From the standpoint of usual reporting about the war between Iraq and Iran, IrAF's Mirage F.1EQ-5s, equipped with advanced Cyrano IV-M radar and AM.39 Exocet missiles, deployed for anti-ship operations inside the Persian Gulfs, were definitely the "stars" of this war. In fact, the IrAF experienced extensive technical problems with the type early during its combat career, problems with the reliability of the AM.39 Exocet missile, problems with the lack of pre- and post-strike reconnaissance, and heavy losses in 1988: during a two short engagements on the same day in February of that year, a single IRIAF F-14A shot down three Mirage F.1EQ-5s in quick succession. Despite much publicity, Iraqi anti-ship operations remain an unknown quality: due to the Iranians moving their tankers in convoys, protected by warships and interceptor aircraft, the Iraqis had over the time to considerably improve their tactics and diversify their means. Consequently, during the final 12 months of the war the IrAF Mirages were not fighting this war any more - but more frequently they were involved in operations that saw a combination of formations consisting of MiG-25s, MiG-23s, Su-20/22s - and even Tu-22Bs. Despite considerable losses, such formations were able to offer better mutual suport to each other - regardless if by ECM-systems or by shock and confusion they would frequently cause.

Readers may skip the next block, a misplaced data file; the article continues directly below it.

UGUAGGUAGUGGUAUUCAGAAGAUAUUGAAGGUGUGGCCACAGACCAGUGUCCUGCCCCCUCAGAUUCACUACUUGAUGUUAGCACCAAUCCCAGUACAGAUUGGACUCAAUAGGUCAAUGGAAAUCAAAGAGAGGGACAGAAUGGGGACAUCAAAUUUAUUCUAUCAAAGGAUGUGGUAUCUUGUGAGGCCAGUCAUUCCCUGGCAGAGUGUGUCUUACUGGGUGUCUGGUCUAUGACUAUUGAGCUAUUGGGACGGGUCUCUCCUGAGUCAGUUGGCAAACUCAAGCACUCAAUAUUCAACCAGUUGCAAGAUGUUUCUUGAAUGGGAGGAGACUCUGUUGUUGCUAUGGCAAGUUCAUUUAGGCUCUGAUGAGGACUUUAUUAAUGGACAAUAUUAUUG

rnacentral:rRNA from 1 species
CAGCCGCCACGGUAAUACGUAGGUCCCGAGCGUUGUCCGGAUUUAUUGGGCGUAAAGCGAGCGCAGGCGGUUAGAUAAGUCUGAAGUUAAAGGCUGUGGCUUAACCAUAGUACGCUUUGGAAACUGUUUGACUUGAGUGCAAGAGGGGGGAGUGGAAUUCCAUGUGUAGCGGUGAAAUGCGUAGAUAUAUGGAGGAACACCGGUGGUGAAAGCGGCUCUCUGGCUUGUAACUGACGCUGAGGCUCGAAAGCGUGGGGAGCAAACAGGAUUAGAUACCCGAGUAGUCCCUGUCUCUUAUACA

This MiG-23MS was also shot down by Iranian MIM-23B I-HAWK SAMs on 12 February 1986, near al-Faw, in southern Iraq: together with the Su-22M-3K shown above, it was one of nine Iraqi fighters confirmed shot down by the same IRIAF SAM-site on that morning.